The book has colorful, but not bright, pictures of slightly anthropomorphic, smiling animals. Each spread features a brown owl prominently with die-cut pages that include a hole through the front cover to see the owl, half-closed eyes that open at night on the following page, and shaped bushes and trees that change the picture or reveal details.
The text on each page is generally 2-4 sentences. Unfortunately, it is not very accurate, attempting to simplify concepts for kids and ending up with misleading information. The first spread says owls have "tufts of feathers on their ears". Owls' ears are located on the sides of their heads and those species that have tufts to not use them for hearing, as far as I am aware. The owl tries to catch a mouse but is too slow and on the next page they've found a whole in a tree. "Hiding behind it" are Mrs. Bird and Mrs. Owl, who are looking after babies. Regardless of the fact that an owl would eat a bird, this is really vague. How, exactly, is the owl "looking after" the babies if they can't catch anything?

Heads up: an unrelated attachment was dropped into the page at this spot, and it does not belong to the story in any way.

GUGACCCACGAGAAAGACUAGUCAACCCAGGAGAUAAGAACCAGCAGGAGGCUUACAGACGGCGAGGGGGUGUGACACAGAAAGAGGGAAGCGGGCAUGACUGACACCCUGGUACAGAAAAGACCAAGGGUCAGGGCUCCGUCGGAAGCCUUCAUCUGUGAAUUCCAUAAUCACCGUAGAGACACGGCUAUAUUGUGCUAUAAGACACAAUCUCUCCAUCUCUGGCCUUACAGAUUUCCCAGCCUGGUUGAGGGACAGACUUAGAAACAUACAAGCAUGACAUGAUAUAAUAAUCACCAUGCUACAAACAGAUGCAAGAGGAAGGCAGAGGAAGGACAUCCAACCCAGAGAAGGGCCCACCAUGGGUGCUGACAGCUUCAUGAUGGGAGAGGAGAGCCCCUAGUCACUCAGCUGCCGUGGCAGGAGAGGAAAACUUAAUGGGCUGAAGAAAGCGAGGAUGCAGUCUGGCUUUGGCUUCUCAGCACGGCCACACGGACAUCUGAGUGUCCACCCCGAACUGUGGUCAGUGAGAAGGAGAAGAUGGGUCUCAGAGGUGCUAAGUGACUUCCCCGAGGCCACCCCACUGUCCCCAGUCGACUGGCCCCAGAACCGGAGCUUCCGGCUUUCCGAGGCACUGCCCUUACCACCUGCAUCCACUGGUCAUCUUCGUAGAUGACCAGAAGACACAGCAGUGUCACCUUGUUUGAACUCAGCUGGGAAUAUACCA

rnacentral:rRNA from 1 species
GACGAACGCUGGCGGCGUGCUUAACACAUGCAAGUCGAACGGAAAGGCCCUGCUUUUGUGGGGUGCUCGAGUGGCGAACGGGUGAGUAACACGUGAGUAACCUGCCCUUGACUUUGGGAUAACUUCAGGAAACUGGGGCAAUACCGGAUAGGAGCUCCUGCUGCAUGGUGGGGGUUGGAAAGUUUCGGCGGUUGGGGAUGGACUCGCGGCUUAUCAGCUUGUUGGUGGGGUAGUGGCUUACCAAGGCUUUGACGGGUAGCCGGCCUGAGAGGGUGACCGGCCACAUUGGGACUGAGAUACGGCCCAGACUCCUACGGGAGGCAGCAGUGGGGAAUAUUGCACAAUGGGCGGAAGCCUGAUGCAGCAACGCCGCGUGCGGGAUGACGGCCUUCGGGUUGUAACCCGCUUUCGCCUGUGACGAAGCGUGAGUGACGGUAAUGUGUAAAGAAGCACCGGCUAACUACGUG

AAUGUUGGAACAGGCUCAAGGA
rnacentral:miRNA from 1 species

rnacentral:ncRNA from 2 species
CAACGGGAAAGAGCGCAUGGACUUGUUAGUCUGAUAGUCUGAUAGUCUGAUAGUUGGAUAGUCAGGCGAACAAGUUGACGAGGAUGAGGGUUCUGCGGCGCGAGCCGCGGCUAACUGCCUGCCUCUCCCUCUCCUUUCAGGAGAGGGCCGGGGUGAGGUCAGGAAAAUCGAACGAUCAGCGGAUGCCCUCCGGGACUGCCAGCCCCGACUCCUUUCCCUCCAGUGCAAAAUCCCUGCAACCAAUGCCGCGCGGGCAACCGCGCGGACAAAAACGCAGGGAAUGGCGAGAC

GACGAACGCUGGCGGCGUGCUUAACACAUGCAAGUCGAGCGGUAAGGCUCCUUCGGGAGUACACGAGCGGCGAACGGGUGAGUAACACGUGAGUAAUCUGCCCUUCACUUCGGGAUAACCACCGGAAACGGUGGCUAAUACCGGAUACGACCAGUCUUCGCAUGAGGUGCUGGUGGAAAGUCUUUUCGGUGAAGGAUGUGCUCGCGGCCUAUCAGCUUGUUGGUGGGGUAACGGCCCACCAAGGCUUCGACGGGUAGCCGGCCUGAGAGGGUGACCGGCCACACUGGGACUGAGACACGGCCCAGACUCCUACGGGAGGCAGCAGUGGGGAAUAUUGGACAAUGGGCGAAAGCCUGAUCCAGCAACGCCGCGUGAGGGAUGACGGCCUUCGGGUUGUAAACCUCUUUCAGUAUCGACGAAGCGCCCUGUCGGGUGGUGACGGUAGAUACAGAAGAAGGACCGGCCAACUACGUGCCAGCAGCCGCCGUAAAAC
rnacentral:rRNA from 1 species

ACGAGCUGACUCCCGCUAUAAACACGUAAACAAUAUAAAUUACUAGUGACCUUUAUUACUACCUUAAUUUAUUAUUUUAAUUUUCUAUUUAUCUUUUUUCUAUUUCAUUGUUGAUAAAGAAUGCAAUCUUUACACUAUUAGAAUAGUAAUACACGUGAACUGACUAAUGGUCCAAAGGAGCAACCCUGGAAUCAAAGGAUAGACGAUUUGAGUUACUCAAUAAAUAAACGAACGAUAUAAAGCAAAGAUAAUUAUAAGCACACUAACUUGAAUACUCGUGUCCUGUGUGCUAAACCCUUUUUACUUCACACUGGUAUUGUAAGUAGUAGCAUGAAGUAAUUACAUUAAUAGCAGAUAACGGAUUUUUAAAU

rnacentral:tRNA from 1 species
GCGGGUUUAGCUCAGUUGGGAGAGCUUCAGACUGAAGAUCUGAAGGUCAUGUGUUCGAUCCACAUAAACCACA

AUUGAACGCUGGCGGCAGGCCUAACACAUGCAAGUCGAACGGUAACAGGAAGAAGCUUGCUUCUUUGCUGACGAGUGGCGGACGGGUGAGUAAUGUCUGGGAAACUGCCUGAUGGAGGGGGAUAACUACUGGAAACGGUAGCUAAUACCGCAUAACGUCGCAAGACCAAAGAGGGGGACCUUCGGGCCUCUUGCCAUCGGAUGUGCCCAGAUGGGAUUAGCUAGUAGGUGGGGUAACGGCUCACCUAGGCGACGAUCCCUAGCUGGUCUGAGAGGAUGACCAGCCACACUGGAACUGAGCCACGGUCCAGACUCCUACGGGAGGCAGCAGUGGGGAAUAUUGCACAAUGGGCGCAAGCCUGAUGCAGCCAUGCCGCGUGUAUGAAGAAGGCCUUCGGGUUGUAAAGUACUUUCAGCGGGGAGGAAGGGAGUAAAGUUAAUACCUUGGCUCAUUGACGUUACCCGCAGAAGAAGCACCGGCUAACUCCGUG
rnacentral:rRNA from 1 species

I realize most people don't want to show their toddlers photo-realistic images of an owl devouring a mouse, or regurgitating it for their babies, but this kind of vague dancing around animal behavior does nobody any good. Far better to stick to basic facts - most owls hunt at night, they hunt small rodents and animals (hide the bodies behind a bush if you prefer) and they nest in hollow trees. There is no need to anthropomorphize them.
Verdict: Disappointing. I will look more closely at the bunny one that I bought and probably not purchase any more in this series.
ISBN: 9781682973875; Published in the US by QEB; Borrowed via inter-library loan